The post-apocalyptic future thing, though, isn’t really a Fan Brett thing — it’s an All Brett thing. I have a tendency to let my mind loose in every fictional world I engage with, and I think I subconsciously like revisiting worlds that I’d be fine living in. This explains why I imprinted on “Friends” in middle school when I had no actual friends at school and it might explain why I felt a desperate urge to do every touristy, “Cheers”-related thing in Boston after watching all 11 seasons of that show back to back. I also get that I, an asthmatic gay man, would be miserable in the smoke-shrouded hyper-homogenous-prejudice of “Mad Men” — but the clothes are amazing and I love the design and I’m kinda envious of their lack of clickbait listicles about baby animals? What I’m getting at is that the “Walking Dead” and “Mad Max” worlds bum me out as someone that likes having running water and clean clothes and living family members/friends. I get that this is a me thing.
With all that in mind, I have not been that excited about “Secret Wars.” A lot of the premises sound cool in a there-are-absolutely-no-rules way, but the fact that the Captain Marvel and She-Hulk starring in “Secret Wars” series aren’t my versions of them gives Fan Me some pause (I acknowledge that both series look fantastic and Fan Me should just chill). I also have this nagging worry in my brain that fears a “Crisis”-style reboot. I foolishly told DC fans to stop fretting about continuity years ago and I fear comeuppance for my past arrogance.
“Secret Wars” #1 didn’t sell me on the idea. The story was appropriately massive — maybe too massive for me to latch onto. Vignettes like the one of Iron Fist and Luke Cage, two of my favorites, rescuing innocent bystanders should have connected with me, but it all fell under the giant shadow of two Earths crashing into each other. Heck, I think Black Widow died in this issue and that didn’t even register with me!
I was expecting more of the same from today’s “Secret Wars” #2. I assumed we’d pick up with the wrecked raft carrying Reed Richards and his band of survivors from Earth-616 (the only Earth Fan Me cares about). But no, the issue — SPOILER ALERT — picks up some time later; no specific date is given, but enough time has passed for the citizens of Battleworld (or Latverion or God’s Kingdom) have created their own creation myth and highly structured society — or at least enough time has passed for Doom to warp reality to his whims. The rules of Battleworld are laid out in this issue which, while still including over a dozen speaking roles, feels way more contained than the first issue. This is a story of a new Thor and his first patrol as a member of Battleworld’s Asgardian police. Through him we get the lay of the land and we even get to see this world’s laws put in action.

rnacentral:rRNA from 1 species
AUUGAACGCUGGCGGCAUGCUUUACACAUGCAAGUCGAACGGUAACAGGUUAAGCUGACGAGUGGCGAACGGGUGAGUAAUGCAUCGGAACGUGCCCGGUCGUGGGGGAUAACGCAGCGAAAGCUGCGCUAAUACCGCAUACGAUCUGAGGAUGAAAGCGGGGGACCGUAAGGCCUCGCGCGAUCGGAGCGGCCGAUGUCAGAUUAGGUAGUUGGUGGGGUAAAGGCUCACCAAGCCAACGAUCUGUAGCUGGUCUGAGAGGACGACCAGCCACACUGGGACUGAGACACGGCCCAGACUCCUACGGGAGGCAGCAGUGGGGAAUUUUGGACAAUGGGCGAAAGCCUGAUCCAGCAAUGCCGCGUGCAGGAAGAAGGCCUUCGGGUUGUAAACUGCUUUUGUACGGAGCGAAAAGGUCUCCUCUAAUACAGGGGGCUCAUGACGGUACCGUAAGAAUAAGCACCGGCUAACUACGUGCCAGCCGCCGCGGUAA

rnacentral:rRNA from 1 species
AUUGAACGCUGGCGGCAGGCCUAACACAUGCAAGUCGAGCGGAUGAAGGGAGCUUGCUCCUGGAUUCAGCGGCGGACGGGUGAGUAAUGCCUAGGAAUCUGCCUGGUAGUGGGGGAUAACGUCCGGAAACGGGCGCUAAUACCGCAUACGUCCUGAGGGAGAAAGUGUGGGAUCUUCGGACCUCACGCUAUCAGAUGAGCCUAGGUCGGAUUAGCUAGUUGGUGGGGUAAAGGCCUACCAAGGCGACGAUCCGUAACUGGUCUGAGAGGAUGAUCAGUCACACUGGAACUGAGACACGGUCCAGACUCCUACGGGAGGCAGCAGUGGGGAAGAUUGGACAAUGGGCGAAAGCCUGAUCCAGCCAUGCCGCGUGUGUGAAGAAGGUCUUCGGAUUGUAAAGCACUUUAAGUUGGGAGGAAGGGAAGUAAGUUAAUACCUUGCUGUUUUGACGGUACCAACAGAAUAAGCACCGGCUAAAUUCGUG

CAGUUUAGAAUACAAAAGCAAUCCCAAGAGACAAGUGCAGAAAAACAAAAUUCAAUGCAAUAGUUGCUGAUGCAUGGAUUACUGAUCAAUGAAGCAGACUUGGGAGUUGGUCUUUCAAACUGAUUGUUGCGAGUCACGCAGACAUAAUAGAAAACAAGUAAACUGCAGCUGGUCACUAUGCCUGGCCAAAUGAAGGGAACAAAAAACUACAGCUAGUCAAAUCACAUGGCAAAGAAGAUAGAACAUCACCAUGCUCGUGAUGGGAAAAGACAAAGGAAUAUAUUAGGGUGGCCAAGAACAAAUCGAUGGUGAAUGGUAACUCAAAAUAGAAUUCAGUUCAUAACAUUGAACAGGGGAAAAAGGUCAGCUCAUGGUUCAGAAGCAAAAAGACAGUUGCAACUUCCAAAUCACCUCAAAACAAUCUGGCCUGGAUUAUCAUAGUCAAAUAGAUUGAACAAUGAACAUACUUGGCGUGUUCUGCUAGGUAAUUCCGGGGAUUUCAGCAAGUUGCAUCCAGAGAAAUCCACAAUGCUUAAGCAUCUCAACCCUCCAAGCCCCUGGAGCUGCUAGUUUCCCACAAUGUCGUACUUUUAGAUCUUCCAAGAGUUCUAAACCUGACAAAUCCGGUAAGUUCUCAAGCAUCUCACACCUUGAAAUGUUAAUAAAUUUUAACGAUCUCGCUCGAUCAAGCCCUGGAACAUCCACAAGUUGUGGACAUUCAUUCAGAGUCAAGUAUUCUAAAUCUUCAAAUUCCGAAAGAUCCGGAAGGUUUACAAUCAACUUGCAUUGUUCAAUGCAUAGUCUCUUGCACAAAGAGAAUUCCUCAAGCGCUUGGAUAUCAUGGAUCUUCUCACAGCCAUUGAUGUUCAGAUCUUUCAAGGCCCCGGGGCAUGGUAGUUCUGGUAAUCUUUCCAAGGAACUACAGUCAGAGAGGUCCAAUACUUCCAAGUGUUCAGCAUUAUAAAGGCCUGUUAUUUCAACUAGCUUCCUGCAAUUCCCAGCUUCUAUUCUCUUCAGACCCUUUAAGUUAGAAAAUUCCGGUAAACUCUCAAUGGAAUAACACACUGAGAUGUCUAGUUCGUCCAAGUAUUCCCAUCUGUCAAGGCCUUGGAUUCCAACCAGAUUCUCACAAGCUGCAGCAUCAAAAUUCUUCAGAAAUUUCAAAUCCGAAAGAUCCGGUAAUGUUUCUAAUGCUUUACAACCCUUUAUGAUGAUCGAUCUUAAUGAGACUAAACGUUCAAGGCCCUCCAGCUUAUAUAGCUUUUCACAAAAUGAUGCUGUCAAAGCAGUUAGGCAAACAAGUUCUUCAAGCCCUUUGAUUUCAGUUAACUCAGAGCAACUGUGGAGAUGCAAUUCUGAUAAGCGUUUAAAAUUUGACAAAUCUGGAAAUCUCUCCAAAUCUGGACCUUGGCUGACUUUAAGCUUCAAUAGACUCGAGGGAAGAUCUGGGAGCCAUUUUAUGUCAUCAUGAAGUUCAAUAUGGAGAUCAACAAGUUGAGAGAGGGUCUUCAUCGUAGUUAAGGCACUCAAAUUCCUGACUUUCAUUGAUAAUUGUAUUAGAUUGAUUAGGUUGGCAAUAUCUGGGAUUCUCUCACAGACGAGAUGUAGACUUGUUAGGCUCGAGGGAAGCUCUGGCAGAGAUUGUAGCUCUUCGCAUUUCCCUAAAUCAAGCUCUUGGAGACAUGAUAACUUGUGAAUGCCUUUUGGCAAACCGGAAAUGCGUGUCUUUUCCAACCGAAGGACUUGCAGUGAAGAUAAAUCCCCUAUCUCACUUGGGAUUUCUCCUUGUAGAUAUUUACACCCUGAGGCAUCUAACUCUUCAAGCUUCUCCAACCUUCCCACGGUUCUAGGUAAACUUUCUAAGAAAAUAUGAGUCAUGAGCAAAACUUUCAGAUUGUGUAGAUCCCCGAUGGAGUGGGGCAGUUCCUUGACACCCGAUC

Listen, this comic includes Mr. Sinister calling the law “very trashy.” I love Mr. Sinister and, even if this isn’t my Nathaniel Essex, Jonathan Hickman and Esad Ribic crafted a version of him that I found delightfully devious and over the top. Maybe I can connect to alternate reality versions of characters if they’re given the space to establish themselves? What’s happening to me?! In just a few panels and with very little wider context, Hickman also sold me on these alternate takes on Jamie Braddock, Brian Braddock and the world of Higher Avalon. I’ve never had an opinion about Jamie Braddock either way, and I still felt the impact of this Jamie’s death.
For all my anti-post-apocalyptic grumblings, I do have a massive love for “Planet of the Apes.” Like “Age of Apocalypse,” the dystopia-set stories I loved before I developed this weird aversion have stuck with me. Because of this, I’m really into the intrigue surrounding Sheriff Strange’s quarantine around the newfound artifacts that predate Battleworld’s creation. This new alternate reality dystopia is playing into the things I love from the dystopic stories of my childhood. Well-played, Hickman!
I wasn’t expecting to care about “Secret Wars,” and my credit card was real excited about that. But, sorry bank account, I think I’m now on board for this event. The world building is interesting — the Deadlands are definitely not a place for me to visit, though — and the storytelling was focused enough to cut through my predetermined biases. That’s pretty impressive. So bring on “Secret Wars” #3, and maybe even a couple or dozen of these new series, too. With this subtle shift in taste, I’m starting to wonder… am I an alternate reality version of myself? If so, it looks like I’m more okay with that fact today than I would have been yesterday.
Brett White is a comedian living in New York City. He makes videos for the Upright Citizens Brigade as a member of UCB1 and writes for the sketch comedy podcast Left Handed Radio. His opinions can be consumed in bite-sized morsels on Twitter (@brettwhite).